Mar 4, 2012, 11:59 AM EDT
By now hockey fans are familiar with the story of Brendan Burke, son of Leafs GM Brian Burke. Brendan was the first man in hockey to come out to his team as a homosexual while working as a coach at Miami University. The acceptance shown to him by his team and his family was a heartwarming story for all who have fears of doing the same and where the You Can Play Project gets its starting point.
You Can Play is getting support from a number of NHL players and showing their support through a PSA you’ll see later today on NBC’s game of the week between the Bruins and Rangers. Patrick Burke is a scout for the Philadelphia Flyers and one of the co-founders of You Can Play and Burke tells PHT that the aim of the project is to make the locker rooms and arenas safe for gay athletes.
“We’re trying to raise awareness of the issues LGBT athletes face. I don’t think enough people are aware just how hard a locker room can be on gay athletes of all ages,” Burke says.
Filming a PSA that features Patrick and his father Brian along with 12 NHL stars helps serve notice that the league is serious about breaking down the barriers for those that want to enjoy sports. Featured in the spot are Rick Nash, Claude Giroux, Scott Hartnell, Joffrey Lupul, Dion Phaneuf, Corey Perry, Andy Greene, Duncan Keith, Daniel Alfredsson, Brian Boyle, and Henrik Lundqvist. That’s a lot of fire power and there’s more help on the way.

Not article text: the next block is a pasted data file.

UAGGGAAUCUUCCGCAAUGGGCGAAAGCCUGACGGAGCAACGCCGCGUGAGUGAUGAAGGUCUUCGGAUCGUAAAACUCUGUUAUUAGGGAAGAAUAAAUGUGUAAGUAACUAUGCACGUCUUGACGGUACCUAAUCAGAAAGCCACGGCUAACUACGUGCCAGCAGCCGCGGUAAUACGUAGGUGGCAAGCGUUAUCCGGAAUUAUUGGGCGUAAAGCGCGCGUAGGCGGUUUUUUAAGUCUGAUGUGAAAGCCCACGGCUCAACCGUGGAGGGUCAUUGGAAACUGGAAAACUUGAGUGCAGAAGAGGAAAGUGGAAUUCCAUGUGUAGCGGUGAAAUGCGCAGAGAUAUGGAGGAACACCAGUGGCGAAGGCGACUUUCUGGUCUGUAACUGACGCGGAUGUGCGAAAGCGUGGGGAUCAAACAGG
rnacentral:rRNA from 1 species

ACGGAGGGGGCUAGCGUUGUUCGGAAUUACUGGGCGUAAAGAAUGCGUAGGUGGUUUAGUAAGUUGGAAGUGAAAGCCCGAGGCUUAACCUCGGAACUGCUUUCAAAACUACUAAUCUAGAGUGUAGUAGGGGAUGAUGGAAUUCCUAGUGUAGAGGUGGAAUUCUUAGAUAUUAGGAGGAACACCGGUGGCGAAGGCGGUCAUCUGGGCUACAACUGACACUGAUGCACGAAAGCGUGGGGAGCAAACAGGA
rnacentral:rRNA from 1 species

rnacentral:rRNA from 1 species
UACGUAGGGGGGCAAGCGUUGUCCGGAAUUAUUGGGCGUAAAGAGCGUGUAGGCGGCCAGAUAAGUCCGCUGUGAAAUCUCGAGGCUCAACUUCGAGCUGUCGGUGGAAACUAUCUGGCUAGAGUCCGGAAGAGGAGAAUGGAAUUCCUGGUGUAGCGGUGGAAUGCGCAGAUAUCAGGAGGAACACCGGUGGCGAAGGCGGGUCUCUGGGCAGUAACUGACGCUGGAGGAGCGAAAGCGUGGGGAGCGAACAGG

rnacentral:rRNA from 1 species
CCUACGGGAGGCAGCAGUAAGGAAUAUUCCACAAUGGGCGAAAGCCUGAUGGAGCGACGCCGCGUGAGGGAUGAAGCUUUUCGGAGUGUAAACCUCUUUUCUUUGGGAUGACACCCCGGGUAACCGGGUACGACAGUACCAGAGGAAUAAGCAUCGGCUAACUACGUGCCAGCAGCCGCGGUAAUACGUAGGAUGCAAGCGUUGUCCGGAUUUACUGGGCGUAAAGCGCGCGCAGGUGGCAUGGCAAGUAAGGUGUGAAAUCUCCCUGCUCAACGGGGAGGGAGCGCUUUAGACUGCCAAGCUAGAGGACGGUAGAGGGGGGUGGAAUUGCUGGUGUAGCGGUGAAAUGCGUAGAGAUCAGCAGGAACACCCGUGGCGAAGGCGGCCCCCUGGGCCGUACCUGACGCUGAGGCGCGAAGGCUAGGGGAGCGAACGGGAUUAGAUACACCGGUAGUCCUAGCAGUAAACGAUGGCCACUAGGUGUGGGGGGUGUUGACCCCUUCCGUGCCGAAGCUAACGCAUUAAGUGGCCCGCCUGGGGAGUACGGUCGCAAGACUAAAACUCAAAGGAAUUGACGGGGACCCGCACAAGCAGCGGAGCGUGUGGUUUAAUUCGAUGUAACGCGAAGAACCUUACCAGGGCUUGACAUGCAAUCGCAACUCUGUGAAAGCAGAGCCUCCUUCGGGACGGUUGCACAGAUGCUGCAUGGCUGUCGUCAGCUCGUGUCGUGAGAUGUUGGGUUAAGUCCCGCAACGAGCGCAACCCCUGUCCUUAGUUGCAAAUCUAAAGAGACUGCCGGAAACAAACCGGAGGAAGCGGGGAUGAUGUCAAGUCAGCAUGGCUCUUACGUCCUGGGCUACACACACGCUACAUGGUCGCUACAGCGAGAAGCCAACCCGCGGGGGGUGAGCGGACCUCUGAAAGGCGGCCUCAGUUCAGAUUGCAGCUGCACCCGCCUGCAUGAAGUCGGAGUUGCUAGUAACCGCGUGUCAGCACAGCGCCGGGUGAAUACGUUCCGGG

“We’ve got 35 guys committed to the filming so far with 30 guys I believe now have been filmed,” Burke says. “We’re hoping that as other guys see the PSAs and see what we’re all about that more and more of them will find ways to get involved to show their support.”
It won’t be easy at the start, and we’ve seen instances this season where the kind of language they’re hoping to eliminate from locker rooms is out there, but with what the You Can Play Project is trying to do, Burke says their aim is to teach and not vilify.
“We’re about education. We’re not about anything else. We’re not about punishment or vilifying or making enemies. We’re just here to show people what the issues are and how best to combat them,” Burke says.
So it’s like teaching through kindness then?
“Yeah… Well, we’re still the Burkes so we’ll drop the gloves if we have to.”
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